Tai Chi Chuan and Anan-Do teaching
Whenever we feel physically run-down, emotionally worn-out or mentally drained – tai chi chuan can help.
The movements in tai chi chuan are designed in accordance with natural laws, to refresh – in toto – the neglected system, increasing fitness, flexibility, coordination; smoothing the energy flow, enabling the physical system to function at its optimum capacity, so you can become free of worries about it, and able to excel in your other work.
The primary benefits of tai chi chuan, as set forth by the Originators:
Tai chi chuan
Tai chi chuan is unquestionably one of the most sophisticated of ancient disciplines and the ultimate product of the human mind. But trying to explain it is like trying to explain Tai Chi itself. Tai Chi is one of the most abstract ideas in Chinese philosophy! The explanation and teaching of such a lofty concept has to vary according to the level of understanding of the listeners.
Therefore it is difficult to explain tai chi chuan effectively to more than, well, one person at a time! We have to choose terms very carefully, avoiding those which, through overuse, have become worn-out, have lost their meaning and revelatory power.
Tai Chi and tai chi chuan
The essence of tai chi chuan is Tai Chi itself.
One of the basic rules found in the Tai Chi Classics is: Clearly distinguish between Yin and Yang. Similarly, here we have first to distinguish between Tai Chi and tai chi chuan.
In our casual, everyday speech, practitioners of tai chi chuan usually just say, “I do tai chi”.
Which is fine, as long as we are aware it is just a manner of speaking. I often use this manner of speaking myself; but it is still good to remember that tai chi chuan is a discipline, whereas Tai Chi is a philosophical concept.
‘Tai Chi’ translates as ‘The Great Ultimate’ or ‘The Absolute’ and represents the Cosmic Law that governs the Universe and reflects itself in every particular thing. Tai Chi is a philosophy based on the harmony of opposites seeking balance in a continuous motion.
Tai Chi is the first differentiation of the Inexpressible, the Unnamable, which is sometimes referred to, ironically enough, as Wu Chi (‘Emptiness’ or ‘Void’).
‘Chuan’ translates as ‘fist’ or ‘skill’, but in a context of internal martial arts denotes a physical discipline controlled by the mind; it is a range of techniques based on the principles of Tai Chi as set down in the Classics.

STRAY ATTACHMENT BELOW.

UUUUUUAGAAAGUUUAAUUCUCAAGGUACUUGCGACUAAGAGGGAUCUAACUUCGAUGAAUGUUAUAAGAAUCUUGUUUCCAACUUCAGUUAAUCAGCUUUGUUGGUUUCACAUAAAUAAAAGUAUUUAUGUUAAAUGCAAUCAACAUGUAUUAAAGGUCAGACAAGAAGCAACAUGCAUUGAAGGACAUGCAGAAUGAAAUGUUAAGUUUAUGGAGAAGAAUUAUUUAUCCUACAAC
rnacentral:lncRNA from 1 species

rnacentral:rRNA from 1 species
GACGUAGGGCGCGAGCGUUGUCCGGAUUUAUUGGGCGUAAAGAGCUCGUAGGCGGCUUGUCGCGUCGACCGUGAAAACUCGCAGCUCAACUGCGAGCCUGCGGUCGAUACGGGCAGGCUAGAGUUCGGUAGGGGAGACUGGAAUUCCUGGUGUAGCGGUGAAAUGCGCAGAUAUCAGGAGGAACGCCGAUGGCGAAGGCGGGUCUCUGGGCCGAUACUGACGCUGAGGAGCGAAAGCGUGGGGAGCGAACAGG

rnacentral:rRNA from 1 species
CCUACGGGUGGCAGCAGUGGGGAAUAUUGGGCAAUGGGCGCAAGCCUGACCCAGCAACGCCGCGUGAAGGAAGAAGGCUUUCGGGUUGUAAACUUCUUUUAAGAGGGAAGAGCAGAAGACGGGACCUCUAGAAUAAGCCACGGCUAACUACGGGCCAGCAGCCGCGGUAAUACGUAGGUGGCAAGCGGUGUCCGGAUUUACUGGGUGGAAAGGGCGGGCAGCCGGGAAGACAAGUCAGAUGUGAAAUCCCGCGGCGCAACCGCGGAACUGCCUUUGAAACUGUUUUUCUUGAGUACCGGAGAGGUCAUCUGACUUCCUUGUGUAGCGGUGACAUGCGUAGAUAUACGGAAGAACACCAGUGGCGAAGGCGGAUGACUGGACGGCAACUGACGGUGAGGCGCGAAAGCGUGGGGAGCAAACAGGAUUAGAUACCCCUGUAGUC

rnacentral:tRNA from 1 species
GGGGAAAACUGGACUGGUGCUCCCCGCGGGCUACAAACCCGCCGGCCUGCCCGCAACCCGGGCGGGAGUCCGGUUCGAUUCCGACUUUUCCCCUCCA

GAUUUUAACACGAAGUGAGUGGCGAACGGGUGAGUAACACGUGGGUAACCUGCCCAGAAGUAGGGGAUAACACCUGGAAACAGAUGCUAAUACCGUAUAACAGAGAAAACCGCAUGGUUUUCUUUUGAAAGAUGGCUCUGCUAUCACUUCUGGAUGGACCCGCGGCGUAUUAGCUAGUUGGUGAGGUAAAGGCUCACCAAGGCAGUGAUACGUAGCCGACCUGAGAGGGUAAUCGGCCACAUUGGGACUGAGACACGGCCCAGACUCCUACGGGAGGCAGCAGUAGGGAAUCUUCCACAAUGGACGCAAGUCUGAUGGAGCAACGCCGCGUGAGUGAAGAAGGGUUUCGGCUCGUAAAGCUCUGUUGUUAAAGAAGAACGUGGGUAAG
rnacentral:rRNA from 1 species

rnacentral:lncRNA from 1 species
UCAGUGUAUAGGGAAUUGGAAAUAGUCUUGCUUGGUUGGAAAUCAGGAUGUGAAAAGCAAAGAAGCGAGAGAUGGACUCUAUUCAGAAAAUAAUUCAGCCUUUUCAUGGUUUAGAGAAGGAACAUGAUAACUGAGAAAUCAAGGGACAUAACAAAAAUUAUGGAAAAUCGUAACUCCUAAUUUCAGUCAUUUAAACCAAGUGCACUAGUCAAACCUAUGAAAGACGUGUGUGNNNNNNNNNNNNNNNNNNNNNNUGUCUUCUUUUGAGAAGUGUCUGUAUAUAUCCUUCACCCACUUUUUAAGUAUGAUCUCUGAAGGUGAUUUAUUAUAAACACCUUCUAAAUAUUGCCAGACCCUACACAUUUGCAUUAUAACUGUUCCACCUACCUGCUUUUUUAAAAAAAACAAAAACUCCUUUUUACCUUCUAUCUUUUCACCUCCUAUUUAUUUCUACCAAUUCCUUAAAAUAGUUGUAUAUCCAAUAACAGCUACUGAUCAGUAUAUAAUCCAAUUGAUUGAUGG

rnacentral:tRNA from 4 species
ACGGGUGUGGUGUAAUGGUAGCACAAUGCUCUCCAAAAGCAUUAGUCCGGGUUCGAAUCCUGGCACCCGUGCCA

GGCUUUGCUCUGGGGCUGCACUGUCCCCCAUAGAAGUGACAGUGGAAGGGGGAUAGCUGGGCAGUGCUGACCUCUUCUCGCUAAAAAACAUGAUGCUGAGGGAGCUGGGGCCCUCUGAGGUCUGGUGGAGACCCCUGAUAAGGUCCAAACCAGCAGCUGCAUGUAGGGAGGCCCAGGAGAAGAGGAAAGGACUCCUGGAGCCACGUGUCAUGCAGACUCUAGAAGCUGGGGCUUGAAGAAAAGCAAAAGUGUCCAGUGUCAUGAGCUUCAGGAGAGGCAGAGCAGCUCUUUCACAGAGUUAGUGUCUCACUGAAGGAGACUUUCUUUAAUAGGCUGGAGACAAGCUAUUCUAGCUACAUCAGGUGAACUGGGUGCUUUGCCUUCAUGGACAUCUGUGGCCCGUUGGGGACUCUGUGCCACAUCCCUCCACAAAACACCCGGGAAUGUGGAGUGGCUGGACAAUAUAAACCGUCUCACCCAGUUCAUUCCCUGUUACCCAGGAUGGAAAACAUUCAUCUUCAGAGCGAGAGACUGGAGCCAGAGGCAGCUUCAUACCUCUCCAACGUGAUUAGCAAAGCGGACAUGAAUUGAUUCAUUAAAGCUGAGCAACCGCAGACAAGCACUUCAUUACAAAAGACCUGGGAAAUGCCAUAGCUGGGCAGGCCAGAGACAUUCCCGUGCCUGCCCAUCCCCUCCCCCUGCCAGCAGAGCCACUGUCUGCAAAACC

So for tai chi chuan to be understood correctly, it needs to be viewed in relation to Tai Chi, and it helps if quite early in your practice you try to clarify its starting point and its destination – the intention and the purpose.
Master Ananda’s teachings define human life in terms of:
Learning about these differentiations leads us to an understanding of the septenary nature of man, and then eventually brings us back again to mans duality, which is where our multifaceted work can start taking shape as the Endeavour – a double spiral formed by two strands of effort, each consisting of three components, which, intertwining and spiralling upwards, can lead us to a whole.
Once we have thus unfolded the multiple layers of tai chi chuan, we can go back to our practice of this art with new insight – and so start something entirely new.
The three true objectives of tai chi chuan
Our practice of the form – as originally intended – is meant to help us in three ways, to act on three levels. Basic practice is designed to be an enabling exercise: to provide fitness and vitality; to aid mental focus and calm the mind, preparing it to better perform its intended tasks; and – most of all – to promote spiritual awakening.
With aspirants, those fully aware of the need for multiple effort, it becomes a sustaining exercise, enabling them to maintain their engagement with all three of their Duties – to Self, to Society, to the Source.
Awareness of the threefold effort leads a beginner towards the Endeavour. And sets an aspirant towards Eternity.